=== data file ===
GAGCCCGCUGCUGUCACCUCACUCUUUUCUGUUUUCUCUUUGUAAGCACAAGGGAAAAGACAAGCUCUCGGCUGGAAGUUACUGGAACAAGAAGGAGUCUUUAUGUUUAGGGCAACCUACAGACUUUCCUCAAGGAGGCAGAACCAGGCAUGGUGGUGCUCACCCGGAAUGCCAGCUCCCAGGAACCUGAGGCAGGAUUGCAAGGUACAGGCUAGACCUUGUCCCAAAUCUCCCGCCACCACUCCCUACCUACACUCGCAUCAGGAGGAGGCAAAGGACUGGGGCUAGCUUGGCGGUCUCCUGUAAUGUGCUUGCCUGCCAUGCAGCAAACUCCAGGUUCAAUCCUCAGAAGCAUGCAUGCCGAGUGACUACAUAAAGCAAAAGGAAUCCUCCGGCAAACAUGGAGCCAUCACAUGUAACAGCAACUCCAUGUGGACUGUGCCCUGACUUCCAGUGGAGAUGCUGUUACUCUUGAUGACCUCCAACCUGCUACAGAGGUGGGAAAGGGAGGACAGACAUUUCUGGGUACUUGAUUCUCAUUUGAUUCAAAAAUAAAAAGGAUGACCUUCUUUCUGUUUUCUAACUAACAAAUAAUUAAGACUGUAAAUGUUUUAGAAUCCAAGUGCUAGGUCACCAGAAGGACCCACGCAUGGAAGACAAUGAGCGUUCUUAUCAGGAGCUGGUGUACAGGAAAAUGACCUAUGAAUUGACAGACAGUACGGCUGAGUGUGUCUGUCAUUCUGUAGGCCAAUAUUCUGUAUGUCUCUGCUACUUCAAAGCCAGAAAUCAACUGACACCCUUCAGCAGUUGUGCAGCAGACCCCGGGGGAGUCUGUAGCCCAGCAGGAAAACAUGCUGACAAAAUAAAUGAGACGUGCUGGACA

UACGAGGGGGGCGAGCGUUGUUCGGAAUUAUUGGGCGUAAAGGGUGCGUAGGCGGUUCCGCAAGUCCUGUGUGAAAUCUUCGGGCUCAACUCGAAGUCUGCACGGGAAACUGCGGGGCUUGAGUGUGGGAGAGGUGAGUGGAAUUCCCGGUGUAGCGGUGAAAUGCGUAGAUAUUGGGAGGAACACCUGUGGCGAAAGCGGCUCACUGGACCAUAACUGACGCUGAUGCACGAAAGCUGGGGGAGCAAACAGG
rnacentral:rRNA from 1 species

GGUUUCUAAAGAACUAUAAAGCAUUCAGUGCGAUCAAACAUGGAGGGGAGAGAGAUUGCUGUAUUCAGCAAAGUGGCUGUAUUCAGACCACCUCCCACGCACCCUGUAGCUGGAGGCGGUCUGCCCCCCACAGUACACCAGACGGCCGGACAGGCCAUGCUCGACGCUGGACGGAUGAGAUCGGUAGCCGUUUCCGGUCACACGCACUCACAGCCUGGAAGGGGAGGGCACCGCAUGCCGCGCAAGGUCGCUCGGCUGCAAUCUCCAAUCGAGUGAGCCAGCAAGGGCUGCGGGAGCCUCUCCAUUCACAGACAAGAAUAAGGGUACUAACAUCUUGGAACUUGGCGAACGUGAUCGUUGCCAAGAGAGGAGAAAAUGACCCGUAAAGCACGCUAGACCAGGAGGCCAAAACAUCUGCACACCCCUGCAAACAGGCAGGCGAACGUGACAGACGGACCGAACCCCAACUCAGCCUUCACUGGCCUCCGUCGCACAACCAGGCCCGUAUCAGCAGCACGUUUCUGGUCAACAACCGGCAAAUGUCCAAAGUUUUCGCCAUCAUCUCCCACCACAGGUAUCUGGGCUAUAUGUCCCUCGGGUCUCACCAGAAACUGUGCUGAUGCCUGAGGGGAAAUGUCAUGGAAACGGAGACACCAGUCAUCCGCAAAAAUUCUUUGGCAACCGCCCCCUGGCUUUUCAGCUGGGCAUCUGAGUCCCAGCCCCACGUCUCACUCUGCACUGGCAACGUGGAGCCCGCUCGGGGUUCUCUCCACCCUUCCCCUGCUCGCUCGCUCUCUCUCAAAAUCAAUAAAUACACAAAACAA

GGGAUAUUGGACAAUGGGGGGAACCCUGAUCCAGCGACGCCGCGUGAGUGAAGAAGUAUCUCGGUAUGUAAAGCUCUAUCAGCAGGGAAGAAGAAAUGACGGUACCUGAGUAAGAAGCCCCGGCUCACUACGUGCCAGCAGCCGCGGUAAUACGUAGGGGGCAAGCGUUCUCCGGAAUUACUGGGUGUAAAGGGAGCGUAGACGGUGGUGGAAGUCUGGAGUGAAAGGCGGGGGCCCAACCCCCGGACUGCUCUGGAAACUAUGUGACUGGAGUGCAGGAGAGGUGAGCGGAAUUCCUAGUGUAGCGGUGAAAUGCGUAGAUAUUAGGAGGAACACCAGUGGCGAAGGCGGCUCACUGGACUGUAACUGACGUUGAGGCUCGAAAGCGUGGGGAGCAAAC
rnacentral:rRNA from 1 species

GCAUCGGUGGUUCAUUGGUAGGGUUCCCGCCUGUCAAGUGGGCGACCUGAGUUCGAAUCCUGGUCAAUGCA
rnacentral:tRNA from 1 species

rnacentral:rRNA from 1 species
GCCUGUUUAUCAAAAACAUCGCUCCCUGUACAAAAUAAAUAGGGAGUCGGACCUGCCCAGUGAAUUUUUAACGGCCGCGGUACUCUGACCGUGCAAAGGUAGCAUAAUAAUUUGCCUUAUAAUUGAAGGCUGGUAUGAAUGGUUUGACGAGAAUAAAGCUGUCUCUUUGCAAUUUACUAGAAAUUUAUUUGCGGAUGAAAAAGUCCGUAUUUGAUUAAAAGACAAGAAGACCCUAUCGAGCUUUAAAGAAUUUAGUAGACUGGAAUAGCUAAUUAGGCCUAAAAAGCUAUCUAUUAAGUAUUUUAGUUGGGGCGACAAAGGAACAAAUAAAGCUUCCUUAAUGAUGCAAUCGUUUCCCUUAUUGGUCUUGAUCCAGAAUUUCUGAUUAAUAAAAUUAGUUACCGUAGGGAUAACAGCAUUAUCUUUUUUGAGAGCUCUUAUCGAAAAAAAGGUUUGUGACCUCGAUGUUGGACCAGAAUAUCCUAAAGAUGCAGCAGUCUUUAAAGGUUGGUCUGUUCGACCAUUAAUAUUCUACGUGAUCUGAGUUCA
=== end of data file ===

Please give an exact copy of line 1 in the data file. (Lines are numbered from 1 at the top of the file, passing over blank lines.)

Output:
GAGCCCGCUGCUGUCACCUCACUCUUUUCUGUUUUCUCUUUGUAAGCACAAGGGAAAAGACAAGCUCUCGGCUGGAAGUUACUGGAACAAGAAGGAGUCUUUAUGUUUAGGGCAACCUACAGACUUUCCUCAAGGAGGCAGAACCAGGCAUGGUGGUGCUCACCCGGAAUGCCAGCUCCCAGGAACCUGAGGCAGGAUUGCAAGGUACAGGCUAGACCUUGUCCCAAAUCUCCCGCCACCACUCCCUACCUACACUCGCAUCAGGAGGAGGCAAAGGACUGGGGCUAGCUUGGCGGUCUCCUGUAAUGUGCUUGCCUGCCAUGCAGCAAACUCCAGGUUCAAUCCUCAGAAGCAUGCAUGCCGAGUGACUACAUAAAGCAAAAGGAAUCCUCCGGCAAACAUGGAGCCAUCACAUGUAACAGCAACUCCAUGUGGACUGUGCCCUGACUUCCAGUGGAGAUGCUGUUACUCUUGAUGACCUCCAACCUGCUACAGAGGUGGGAAAGGGAGGACAGACAUUUCUGGGUACUUGAUUCUCAUUUGAUUCAAAAAUAAAAAGGAUGACCUUCUUUCUGUUUUCUAACUAACAAAUAAUUAAGACUGUAAAUGUUUUAGAAUCCAAGUGCUAGGUCACCAGAAGGACCCACGCAUGGAAGACAAUGAGCGUUCUUAUCAGGAGCUGGUGUACAGGAAAAUGACCUAUGAAUUGACAGACAGUACGGCUGAGUGUGUCUGUCAUUCUGUAGGCCAAUAUUCUGUAUGUCUCUGCUACUUCAAAGCCAGAAAUCAACUGACACCCUUCAGCAGUUGUGCAGCAGACCCCGGGGGAGUCUGUAGCCCAGCAGGAAAACAUGCUGACAAAAUAAAUGAGACGUGCUGGACA